While e-commerce has generally failed at social networks, Hubbard figured out how to use Facebook and Twitter to drive sales for Ticketmaster. When people bought seats to a concert, or a game, they could share the location of their seats on Facebook. Then their friends would see those seats and click through to Ticketmaster.
Hubbard says this success led to him joining Twitter. “I was coming to Dick and Adam, saying, ‘Why aren’t you doing more of this?'” (Dick is CEO Dick Costolo, and Adam is Adam Bain, President of Global Revenue.)
“Dick said, ‘I don’t have anyone working on this, why don’t you come and do this,'” says Hubbard. And so he built a small team, acquired a startup called Cardspring, and today we will begin to see the results.
As far as revenue from e-commerce goes, for now it will be small. This is mostly a test to see what works and what doesn’t. In the short term, revenue is not the focus.
Here is Twitter’s official blog post on the buy buttons:
Today we are beginning to test a new way for you to discover and buy products on Twitter. For a small percentage of U.S. users (that will grow over time), some Tweets from our test partners will feature a “Buy” button, letting you buy directly from the Tweet.
This is an early step in our building functionality into Twitter to make shopping from mobile devices convenient and easy, hopefully even fun. Users will get access to offers and merchandise they can’t get anywhere else and can act on them right in the Twitter apps for Android and iOS; sellers will gain a new way to turn the direct relationship they build with their followers into sales. We’re not building this alone: we’ve partnered with Fancy (@fancy), Gumroad (@gumroad), Musictoday (@Musictoday), and Stripe (@stripe) as platforms for this initial test, with more partners to follow soon.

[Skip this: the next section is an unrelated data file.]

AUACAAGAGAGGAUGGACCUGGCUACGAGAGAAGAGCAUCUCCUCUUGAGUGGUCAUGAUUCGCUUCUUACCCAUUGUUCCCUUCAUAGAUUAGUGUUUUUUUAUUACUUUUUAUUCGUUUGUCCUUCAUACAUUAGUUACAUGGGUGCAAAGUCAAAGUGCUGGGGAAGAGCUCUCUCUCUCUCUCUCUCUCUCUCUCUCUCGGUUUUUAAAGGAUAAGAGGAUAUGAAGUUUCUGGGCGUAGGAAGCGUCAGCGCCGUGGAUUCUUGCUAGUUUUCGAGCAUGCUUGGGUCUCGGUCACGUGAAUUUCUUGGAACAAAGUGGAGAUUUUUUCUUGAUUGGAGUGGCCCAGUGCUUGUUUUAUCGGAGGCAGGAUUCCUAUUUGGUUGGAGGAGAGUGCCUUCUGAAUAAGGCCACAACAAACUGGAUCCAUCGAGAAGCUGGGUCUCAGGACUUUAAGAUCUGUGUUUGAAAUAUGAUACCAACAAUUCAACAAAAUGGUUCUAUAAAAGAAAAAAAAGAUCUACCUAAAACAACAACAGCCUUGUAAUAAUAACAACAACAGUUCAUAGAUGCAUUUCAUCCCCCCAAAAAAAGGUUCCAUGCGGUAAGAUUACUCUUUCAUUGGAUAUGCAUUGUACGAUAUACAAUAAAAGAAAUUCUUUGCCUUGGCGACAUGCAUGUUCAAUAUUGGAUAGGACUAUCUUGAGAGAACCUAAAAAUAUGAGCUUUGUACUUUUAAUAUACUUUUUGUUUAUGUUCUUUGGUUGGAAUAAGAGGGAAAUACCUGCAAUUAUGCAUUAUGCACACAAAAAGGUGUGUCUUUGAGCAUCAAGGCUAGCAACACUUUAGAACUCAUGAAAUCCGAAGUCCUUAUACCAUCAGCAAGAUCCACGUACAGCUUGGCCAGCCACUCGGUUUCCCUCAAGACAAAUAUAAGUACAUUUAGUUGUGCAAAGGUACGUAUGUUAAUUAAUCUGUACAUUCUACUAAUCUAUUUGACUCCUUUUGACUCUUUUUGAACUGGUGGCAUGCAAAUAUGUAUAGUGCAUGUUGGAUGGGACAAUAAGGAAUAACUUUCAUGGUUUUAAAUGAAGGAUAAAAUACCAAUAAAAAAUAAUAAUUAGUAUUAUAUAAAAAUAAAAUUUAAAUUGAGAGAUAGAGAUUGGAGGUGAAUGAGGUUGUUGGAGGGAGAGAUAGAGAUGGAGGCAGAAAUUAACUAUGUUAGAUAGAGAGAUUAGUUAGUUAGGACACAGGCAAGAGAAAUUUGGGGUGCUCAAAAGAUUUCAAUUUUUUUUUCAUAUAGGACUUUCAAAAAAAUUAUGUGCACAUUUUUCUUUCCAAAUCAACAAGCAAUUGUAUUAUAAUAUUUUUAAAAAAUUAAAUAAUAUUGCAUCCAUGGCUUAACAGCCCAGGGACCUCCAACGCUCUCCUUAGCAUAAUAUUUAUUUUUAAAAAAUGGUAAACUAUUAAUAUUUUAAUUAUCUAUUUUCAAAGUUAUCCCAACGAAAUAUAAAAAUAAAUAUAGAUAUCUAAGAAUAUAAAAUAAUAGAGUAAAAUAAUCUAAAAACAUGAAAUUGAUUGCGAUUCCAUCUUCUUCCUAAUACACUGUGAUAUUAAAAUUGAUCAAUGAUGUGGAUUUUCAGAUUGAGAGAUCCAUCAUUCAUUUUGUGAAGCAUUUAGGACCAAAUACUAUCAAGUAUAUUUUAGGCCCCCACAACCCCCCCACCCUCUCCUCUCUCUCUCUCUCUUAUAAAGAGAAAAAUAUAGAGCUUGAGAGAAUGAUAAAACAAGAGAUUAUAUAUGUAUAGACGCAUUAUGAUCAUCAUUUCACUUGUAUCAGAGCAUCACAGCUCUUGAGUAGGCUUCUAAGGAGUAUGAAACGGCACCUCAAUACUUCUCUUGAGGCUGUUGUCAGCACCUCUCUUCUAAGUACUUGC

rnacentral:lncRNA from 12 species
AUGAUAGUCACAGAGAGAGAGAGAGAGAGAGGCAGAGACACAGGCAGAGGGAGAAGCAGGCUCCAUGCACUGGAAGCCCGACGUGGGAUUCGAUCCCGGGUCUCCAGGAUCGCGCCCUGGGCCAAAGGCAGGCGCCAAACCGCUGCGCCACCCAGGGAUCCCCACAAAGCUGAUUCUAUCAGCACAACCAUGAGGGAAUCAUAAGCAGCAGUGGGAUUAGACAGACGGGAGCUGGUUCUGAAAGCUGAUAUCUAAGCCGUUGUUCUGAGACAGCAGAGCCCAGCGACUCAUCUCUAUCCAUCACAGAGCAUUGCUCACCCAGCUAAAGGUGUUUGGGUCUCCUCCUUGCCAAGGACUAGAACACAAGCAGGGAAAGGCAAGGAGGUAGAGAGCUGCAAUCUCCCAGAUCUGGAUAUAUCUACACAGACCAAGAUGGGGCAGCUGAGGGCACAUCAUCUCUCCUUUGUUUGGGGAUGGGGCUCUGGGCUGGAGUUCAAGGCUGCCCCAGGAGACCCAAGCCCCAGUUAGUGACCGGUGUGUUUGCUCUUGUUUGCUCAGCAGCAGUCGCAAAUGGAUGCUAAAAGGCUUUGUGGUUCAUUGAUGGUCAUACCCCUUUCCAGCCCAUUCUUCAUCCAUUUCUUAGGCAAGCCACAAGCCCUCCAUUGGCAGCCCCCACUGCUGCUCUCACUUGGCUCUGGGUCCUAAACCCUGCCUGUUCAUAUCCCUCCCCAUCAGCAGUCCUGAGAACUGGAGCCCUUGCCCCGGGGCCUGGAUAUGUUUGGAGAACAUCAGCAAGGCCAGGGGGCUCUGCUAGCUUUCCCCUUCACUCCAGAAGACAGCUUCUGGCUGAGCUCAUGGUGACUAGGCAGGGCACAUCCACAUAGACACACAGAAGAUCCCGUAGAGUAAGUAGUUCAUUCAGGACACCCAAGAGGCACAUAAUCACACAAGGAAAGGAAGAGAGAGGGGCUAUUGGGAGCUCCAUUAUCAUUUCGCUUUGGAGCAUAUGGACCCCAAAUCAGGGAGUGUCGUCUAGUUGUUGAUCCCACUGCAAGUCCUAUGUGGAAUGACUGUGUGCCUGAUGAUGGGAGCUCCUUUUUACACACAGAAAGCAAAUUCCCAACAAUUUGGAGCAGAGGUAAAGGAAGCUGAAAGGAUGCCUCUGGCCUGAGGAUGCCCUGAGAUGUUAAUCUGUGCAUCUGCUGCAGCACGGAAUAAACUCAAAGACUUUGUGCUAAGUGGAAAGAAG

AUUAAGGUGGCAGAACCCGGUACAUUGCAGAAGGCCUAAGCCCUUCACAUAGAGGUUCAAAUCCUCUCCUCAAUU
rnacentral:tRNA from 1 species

In our test, an entire purchase can be completed in just a few taps. After tapping the “Buy” button, you will get additional product details and be prompted to enter your shipping and payment information. Once that’s entered and confirmed, your order information is sent to the merchant for delivery.
We built this test experience with your trust and security at the forefront. Your payment and shipping information is encrypted and safely stored after your first transaction, so you can easily buy on Twitter in the future without having to re-enter all of your information. Of course, you can always remove this information from your account. Your credit card is processed securely and won’t be shared with the seller without your permission. For more information about our security and privacy policies, please visit our Support page here.
We’ll be starting the test with a group of artists, brands, and nonprofit organisations, so follow them now and look out for great products over the coming weeks:
- Beartooth (@beartoothband)
- Brad Paisley (@bradpaisley)
- Burberry (@burberry)
- Dan+Shay (@DanAndShay)
- Death From Above 1979 (@dfa1979)
- Demi Lovato (@ddlovato)
- DonorsChoose (@DonorsChoose)
- Eminem (@eminem)
- GLAAD (@glaad)
- GLIDE (@GlideSF)
- Global Citizen (@GlblCtzn)
- The Home Depot (@HomeDepot)
- Hunter Hayes (@HunterHayes)
- Kiesza (@kiesza)
- Keith Urban (@keithurban)
- The Nature Conservancy (@nature_org)
- Megadeth (@Megadeth)
- Mike Stud (@mike_stud)
- Panic! At The Disco (@panicatthedisco)
- Pharrell (@pharrell)
- Paramore (@paramore)
- (RED) (@RED)
- Ryan Adams (@TheRyanAdams)
- Soundgarden (@soundgarden)
- The New Pornographers (@TheNewPornos)
- twenty one pilots (@twentyonepilots)
- Wiz Khalifa (@wizkhalifa) 9/11 Day (@911Day)
Watch for more offers from artists and brands you love coming soon.